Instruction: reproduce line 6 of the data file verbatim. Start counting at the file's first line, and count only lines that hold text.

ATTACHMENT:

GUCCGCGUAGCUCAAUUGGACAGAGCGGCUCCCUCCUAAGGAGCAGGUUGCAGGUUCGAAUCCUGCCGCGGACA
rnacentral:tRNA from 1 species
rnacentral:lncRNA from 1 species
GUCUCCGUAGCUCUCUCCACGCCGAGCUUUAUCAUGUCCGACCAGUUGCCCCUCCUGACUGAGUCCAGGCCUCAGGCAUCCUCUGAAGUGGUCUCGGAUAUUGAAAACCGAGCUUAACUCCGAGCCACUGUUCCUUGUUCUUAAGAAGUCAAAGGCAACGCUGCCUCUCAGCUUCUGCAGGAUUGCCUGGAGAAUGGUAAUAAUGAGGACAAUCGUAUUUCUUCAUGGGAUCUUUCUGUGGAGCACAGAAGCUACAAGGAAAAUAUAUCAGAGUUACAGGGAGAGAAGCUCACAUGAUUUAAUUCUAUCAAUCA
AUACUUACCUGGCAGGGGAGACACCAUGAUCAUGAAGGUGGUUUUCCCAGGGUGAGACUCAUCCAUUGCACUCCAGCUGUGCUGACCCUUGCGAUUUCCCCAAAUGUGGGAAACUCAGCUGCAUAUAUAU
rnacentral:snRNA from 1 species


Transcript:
rnacentral:snRNA from 1 species